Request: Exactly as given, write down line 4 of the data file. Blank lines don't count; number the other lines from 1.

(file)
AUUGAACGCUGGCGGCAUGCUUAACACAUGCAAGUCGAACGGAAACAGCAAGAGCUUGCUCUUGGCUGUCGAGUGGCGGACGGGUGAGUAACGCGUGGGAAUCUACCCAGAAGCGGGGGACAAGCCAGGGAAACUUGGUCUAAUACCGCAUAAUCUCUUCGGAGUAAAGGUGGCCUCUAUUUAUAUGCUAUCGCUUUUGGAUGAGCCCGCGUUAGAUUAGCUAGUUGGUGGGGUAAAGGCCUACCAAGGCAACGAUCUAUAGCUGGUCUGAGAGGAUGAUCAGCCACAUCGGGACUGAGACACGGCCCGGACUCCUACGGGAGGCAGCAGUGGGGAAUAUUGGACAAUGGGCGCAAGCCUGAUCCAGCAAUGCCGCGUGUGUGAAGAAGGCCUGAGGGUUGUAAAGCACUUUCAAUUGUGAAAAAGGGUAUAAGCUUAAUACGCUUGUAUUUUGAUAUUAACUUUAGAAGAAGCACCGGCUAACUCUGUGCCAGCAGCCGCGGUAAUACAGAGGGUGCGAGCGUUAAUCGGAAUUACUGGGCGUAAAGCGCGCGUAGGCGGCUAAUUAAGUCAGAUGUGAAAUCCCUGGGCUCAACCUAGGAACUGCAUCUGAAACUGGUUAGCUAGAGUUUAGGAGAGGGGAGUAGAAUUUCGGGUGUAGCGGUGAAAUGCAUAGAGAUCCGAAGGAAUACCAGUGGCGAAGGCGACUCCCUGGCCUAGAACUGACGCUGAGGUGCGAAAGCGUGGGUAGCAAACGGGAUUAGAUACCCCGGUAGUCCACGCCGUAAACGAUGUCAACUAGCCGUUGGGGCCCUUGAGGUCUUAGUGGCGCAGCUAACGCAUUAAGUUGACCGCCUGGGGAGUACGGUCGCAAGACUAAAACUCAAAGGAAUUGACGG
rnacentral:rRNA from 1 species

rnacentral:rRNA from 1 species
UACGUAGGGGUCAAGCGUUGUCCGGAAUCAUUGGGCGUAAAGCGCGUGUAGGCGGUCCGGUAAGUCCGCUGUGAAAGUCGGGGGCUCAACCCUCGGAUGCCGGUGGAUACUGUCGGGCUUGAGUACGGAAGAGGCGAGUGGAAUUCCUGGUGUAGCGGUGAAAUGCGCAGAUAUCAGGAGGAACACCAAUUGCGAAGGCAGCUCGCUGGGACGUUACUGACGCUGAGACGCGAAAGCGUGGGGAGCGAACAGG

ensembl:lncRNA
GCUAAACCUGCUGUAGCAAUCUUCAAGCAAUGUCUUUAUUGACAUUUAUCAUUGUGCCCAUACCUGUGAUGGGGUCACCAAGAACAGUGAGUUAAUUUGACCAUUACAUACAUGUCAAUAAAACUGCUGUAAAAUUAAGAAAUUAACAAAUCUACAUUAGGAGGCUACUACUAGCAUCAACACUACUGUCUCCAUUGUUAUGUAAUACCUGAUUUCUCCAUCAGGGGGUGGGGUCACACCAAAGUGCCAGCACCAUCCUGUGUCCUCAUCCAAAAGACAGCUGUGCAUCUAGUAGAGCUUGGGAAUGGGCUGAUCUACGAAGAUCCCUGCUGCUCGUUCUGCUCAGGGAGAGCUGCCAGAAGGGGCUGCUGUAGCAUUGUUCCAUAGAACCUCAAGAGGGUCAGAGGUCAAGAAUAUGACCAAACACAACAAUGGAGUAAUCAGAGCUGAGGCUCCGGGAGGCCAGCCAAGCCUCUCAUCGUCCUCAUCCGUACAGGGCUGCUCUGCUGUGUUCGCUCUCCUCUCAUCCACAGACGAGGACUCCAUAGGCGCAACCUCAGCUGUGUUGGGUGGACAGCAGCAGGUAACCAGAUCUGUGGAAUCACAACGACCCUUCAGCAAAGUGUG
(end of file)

UACGUAGGGGUCAAGCGUUGUCCGGAAUCAUUGGGCGUAAAGCGCGUGUAGGCGGUCCGGUAAGUCCGCUGUGAAAGUCGGGGGCUCAACCCUCGGAUGCCGGUGGAUACUGUCGGGCUUGAGUACGGAAGAGGCGAGUGGAAUUCCUGGUGUAGCGGUGAAAUGCGCAGAUAUCAGGAGGAACACCAAUUGCGAAGGCAGCUCGCUGGGACGUUACUGACGCUGAGACGCGAAAGCGUGGGGAGCGAACAGG